Music by the talented Marvin Gaye / Motown Records
The 3,500,000-square-foot (325,000 m2), plant was designed by Albert Kahn and is located on over 40 acres (0.142 km2) of land on East Grand Boulevard on the city's east side. It included the first use of reinforced concrete for industrial construction in Detroit.
The Packard plant was opened in 1903 and at the time was considered the most modern automobile manufacturing facility in the world with skilled craftsmen who practiced over eighty trades.
The factory complex closed in 1958, though other businesses operated on the premises or used it for storage until the late 1990s.
A number of the outer buildings were in use by businesses up through the early 2000s. In 2010, the owner of the last remaining lessee, Chemical Processing, announced his intention to vacate the premises after 52 years. As of March 2012, however, Chemical Processing remains on the premises, and the company's website still lists its Packard address on Concord Street.
Since its abandonment, the plant has been a haven for graffiti artists, urban explorers, paintballers and auto scrappers, and much of the wiring and other building material has been scavenged. In one incident, vandals pushed a dump truck off of the fourth floor. Karen Nagher, the executive director of the nonprofit organization Preservation Wayne, stated that she was irked to see people come from "all over the world" to poke around Detroit. "Piece by piece, they're disassembling those buildings, making it harder and harder to restore them".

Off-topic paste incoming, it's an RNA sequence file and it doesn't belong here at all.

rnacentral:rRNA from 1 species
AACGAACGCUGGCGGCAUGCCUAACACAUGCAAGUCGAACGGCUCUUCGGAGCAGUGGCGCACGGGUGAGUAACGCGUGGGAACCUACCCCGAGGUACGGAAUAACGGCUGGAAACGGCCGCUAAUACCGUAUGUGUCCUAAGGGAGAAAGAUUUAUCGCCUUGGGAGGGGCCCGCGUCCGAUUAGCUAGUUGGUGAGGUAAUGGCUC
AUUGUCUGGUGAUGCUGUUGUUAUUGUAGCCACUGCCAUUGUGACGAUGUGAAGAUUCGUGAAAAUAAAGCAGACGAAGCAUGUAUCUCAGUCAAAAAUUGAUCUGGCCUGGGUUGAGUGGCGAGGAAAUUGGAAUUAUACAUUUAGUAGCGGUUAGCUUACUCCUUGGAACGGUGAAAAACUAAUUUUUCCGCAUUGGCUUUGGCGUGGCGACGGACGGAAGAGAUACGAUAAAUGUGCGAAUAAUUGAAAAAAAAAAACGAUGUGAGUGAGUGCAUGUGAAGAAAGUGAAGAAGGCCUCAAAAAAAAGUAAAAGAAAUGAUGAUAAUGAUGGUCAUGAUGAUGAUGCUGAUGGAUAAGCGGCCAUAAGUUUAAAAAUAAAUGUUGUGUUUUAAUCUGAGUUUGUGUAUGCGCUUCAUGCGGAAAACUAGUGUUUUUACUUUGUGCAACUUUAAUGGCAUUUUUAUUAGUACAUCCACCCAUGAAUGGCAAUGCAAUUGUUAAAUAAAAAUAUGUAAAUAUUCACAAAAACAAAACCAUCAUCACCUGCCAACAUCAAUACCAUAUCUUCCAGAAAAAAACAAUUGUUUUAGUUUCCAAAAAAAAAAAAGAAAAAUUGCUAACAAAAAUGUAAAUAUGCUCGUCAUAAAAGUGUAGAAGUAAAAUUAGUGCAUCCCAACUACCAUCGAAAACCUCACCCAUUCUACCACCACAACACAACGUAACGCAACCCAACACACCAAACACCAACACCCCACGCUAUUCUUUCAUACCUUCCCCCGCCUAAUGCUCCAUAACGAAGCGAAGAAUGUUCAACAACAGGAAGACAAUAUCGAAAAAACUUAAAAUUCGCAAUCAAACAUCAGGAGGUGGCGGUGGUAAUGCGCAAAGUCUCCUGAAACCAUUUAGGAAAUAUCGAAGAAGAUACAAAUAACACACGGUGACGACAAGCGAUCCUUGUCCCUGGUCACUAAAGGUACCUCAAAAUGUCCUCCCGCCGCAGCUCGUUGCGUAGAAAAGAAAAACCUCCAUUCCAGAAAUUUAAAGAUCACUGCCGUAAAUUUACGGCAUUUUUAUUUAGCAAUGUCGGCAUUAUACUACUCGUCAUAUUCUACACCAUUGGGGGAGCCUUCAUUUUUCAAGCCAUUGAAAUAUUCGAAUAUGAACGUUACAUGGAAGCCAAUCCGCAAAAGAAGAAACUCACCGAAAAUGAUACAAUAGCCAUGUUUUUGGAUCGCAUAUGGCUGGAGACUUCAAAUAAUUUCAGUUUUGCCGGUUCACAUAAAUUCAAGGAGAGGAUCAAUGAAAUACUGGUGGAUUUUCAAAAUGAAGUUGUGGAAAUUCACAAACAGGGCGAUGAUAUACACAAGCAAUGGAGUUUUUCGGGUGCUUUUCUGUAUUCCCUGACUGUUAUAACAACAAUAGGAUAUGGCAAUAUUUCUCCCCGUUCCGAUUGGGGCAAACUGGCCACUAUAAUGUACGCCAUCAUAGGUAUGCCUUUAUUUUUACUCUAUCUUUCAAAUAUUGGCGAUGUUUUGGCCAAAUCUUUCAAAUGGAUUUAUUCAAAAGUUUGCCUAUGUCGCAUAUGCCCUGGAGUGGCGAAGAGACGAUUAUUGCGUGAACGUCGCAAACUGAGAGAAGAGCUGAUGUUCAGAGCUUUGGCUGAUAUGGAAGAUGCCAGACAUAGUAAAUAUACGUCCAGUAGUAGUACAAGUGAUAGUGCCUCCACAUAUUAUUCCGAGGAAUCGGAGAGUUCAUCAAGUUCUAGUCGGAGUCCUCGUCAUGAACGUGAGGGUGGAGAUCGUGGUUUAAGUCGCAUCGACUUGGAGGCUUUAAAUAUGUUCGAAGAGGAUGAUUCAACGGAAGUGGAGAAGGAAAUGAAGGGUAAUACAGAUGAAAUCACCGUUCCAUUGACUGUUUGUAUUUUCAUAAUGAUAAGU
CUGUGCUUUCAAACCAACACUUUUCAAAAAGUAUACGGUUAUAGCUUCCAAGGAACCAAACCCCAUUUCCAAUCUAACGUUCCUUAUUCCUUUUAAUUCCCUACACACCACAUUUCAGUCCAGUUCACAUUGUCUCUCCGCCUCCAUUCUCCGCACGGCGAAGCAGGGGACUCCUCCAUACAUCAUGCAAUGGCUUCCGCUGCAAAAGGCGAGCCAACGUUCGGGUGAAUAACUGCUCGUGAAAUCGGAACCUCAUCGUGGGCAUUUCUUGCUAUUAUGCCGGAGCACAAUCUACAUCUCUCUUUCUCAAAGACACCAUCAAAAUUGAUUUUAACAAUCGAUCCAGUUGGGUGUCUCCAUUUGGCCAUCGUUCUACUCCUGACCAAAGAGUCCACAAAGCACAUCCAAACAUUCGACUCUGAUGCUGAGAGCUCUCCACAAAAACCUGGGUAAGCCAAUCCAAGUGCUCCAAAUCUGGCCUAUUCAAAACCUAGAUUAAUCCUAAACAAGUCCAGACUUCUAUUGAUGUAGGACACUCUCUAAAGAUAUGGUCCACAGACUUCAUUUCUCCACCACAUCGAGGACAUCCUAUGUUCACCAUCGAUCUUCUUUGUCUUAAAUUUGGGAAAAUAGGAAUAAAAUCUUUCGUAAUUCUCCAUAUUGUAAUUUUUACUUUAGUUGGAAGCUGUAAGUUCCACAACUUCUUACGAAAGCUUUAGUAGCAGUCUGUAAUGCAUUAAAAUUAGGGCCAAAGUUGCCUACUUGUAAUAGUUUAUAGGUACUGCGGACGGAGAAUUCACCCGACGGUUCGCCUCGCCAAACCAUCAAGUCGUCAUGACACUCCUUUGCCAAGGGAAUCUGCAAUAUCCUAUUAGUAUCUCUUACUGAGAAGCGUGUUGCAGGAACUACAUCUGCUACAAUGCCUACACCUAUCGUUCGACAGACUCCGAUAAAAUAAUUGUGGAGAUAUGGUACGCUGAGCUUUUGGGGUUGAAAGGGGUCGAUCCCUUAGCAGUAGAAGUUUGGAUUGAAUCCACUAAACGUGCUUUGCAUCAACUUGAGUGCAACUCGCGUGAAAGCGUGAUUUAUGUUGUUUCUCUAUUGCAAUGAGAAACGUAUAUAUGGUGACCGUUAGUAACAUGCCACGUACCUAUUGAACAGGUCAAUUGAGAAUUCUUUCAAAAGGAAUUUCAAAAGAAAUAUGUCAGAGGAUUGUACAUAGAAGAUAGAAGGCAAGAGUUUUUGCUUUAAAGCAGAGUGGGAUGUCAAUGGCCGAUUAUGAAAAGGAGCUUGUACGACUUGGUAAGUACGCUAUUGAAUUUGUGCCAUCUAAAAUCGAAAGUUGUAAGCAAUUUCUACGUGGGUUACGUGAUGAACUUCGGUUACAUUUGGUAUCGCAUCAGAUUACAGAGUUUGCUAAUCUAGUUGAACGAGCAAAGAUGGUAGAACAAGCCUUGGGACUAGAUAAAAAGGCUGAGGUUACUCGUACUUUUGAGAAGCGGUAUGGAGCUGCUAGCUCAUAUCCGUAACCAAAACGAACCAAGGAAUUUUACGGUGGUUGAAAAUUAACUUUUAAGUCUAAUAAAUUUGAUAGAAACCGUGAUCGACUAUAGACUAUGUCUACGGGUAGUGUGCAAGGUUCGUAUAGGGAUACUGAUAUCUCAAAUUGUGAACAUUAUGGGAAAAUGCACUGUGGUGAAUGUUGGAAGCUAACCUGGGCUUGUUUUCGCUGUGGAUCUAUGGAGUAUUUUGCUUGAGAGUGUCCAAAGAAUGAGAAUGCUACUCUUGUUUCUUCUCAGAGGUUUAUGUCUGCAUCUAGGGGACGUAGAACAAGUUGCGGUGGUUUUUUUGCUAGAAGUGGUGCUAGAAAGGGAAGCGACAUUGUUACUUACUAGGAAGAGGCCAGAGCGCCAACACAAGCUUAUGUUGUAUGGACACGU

Despite many years of neglect and abuse, the reinforced concrete structures remain mostly intact and structurally sound as of 2013. Portions of the upper floors of several small sections in various buildings have collapsed or been partly demolished and lay in ruins in the wake of several aborted attempts at demolition over the years.
The City of Detroit has pledged legal action to have the property demolished or secured. Dominic Cristini, whose claim of ownership is disputed, was said to be conducting construction surveys in advance of full-scale demolition as of early 2012.
On February 5, 2013 it was reported that aluminum letter placards spelling the Nazi Slogan "Arbeit Macht Frei" (Work Makes Free) were placed in the windows of the E. Grand Boulevard bridge. Community volunteers promptly removed the letters.
Due to tax delinquency, the 43 parcels comprising the plant were put up for auction in September 2013. The starting bid was $975,000 (the amount owed in taxes) and there were no takers. Another auction is scheduled for October 2013 and the starting bid will be $21,000 ($500 per parcel.)
In April 2013, it was announced that AMC's Low Winter Sun would be filming around the location.
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Detroit Drone / iTVDetroit
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